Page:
And now, after Sweden 15 years ago, a new group of countries are finally adopting laws to criminalize the act of paying for sex. Including France. That’s too bad for MikeeUSA, but this country is no longer the eldorado for white male supremacists. And I’m proud that our lobbying made a contribution, however small, to that change.
13 November 2014 @ 09:45 am
15 February 2013 @ 05:11 pm

Following the DPL game call for players, here are my nominations for the fantastic four (in alphabetical order) :

  1. Luca Falavigna
  2. Tollef Fog Heen
  3. Yves-Alexis Perez
  4. Christian Perrier

These are four randomly selected people among those who share an understanding of the Debian community, a sense of leadership, and the ability to drive people forward with solutions.

07 February 2013 @ 12:33 pm
22 January 2013 @ 03:33 pm

GNOME 3.4 for Debian wheezy is shaping up quite well. A handful of bugs remain to be fixed, but we are now in a polishing phase, as expected given the freeze status.

With upstream introducing heavy changes in new versions, it is time to think of what will happen with GNOME when we introduce version 3.8 in unstable. Namely, there are two categories of changes that have a heavy impact on Debian:

  • several components now heavily relying on systemd for components that interact with low-level parts of the system,
  • the fallback code (a.k.a “GNOME Classic”) being removed, causing problems for people without 3D support – for x86 this shouldn’t be a problem thanks to llvmpipe, but i386 and amd64 are not the only architectures we want to support.

Upstream is not hostile to people working on making their modules compatible with these setups (non-3D, non-systemd). However, there is a limit to what the Debian GNOME team can do, and people have to make choices.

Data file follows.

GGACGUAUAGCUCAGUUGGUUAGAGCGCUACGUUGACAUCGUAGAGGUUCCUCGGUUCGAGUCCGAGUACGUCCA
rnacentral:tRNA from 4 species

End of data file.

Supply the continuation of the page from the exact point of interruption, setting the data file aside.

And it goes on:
The consensus in the Debian GNOME team is to focus the extra amount of work we can provide to the fallback code. We are already in touch with other distributions and people who are interested in keeping the differences with upstream GNOME minimal. Our common goal is to be able to provide a GNOME installation for all Linux systems, with or without 3D.

However, none of us is willing to spend time on getting GNOME to work without systemd. We will not work actively against it either, but some components will certainly recommend systemd, and the functionality with other init systems will be degraded. So if people want to keep GNOME fully working on non-Linux systems, now is the time to start hacking on the missing pieces for this to work. For the time being, it does not look infeasible – although we don’t know what jessie will be made of.

30 November 2012 @ 12:48 pm

Have you ever wondered one of those?

  • How does this plumbing behind GNOME actually work?
  • What are all these processes on my system here for?
  • How can I manage user permissions for system actions?
  • How can I override or force user configurations?
  • How do I configure GDM?
  • What can I do with NetworkManager?

For those who weren’t at Mini-DebConf Paris 2012 last week, let me share here again the slides:

Large deployment of GNOME from the administrator’s perspective

These questions, and many others, will find the beginning of an answer here. At the very least, I hope to show people leads on where to find relevant information for their needs about administrating GNOME systems.

22 November 2012 @ 11:51 am

Today I tried to translate a German sentence posted by mistake on an English IRC channel.

For that, I used Google translation.

I think there is a message here about what country KDE comes from…


So, there is some history of organisations doing a poor job at managing security bugs.